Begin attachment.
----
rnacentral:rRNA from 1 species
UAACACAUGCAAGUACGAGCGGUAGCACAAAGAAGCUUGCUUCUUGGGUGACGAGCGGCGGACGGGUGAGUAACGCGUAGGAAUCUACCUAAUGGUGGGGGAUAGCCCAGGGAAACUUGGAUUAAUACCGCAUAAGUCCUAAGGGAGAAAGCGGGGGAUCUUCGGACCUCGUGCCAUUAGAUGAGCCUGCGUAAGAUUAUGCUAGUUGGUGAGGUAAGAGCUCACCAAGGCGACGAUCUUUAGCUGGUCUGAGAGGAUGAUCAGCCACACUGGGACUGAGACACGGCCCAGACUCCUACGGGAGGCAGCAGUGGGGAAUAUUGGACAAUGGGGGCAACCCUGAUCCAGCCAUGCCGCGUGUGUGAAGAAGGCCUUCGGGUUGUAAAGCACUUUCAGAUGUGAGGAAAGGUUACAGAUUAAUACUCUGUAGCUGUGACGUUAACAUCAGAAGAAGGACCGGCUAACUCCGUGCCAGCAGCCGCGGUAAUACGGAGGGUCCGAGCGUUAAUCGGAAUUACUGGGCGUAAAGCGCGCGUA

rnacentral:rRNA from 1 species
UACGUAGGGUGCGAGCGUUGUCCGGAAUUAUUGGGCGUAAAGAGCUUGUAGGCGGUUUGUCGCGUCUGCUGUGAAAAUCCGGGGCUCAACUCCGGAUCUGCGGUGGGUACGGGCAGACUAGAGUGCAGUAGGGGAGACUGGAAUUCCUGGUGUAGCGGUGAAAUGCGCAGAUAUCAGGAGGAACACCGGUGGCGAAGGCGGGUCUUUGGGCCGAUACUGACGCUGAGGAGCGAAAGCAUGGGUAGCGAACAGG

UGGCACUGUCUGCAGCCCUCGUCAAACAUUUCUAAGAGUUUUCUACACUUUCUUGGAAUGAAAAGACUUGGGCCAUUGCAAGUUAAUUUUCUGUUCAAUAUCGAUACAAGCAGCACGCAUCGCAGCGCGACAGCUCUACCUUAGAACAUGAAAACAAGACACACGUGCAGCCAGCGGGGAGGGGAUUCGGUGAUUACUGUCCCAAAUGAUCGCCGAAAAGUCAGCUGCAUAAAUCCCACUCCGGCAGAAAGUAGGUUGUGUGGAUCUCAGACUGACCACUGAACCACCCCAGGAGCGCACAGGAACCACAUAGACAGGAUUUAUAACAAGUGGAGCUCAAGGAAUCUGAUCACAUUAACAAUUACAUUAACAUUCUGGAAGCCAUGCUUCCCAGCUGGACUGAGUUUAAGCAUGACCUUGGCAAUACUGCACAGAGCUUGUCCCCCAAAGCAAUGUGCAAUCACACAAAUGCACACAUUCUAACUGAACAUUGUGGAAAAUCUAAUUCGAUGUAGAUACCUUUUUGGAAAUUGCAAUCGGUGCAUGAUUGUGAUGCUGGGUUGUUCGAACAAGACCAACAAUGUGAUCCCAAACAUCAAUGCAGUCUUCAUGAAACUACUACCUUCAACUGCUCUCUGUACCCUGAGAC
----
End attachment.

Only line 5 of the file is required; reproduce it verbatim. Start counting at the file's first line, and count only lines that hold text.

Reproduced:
UGGCACUGUCUGCAGCCCUCGUCAAACAUUUCUAAGAGUUUUCUACACUUUCUUGGAAUGAAAAGACUUGGGCCAUUGCAAGUUAAUUUUCUGUUCAAUAUCGAUACAAGCAGCACGCAUCGCAGCGCGACAGCUCUACCUUAGAACAUGAAAACAAGACACACGUGCAGCCAGCGGGGAGGGGAUUCGGUGAUUACUGUCCCAAAUGAUCGCCGAAAAGUCAGCUGCAUAAAUCCCACUCCGGCAGAAAGUAGGUUGUGUGGAUCUCAGACUGACCACUGAACCACCCCAGGAGCGCACAGGAACCACAUAGACAGGAUUUAUAACAAGUGGAGCUCAAGGAAUCUGAUCACAUUAACAAUUACAUUAACAUUCUGGAAGCCAUGCUUCCCAGCUGGACUGAGUUUAAGCAUGACCUUGGCAAUACUGCACAGAGCUUGUCCCCCAAAGCAAUGUGCAAUCACACAAAUGCACACAUUCUAACUGAACAUUGUGGAAAAUCUAAUUCGAUGUAGAUACCUUUUUGGAAAUUGCAAUCGGUGCAUGAUUGUGAUGCUGGGUUGUUCGAACAAGACCAACAAUGUGAUCCCAAACAUCAAUGCAGUCUUCAUGAAACUACUACCUUCAACUGCUCUCUGUACCCUGAGAC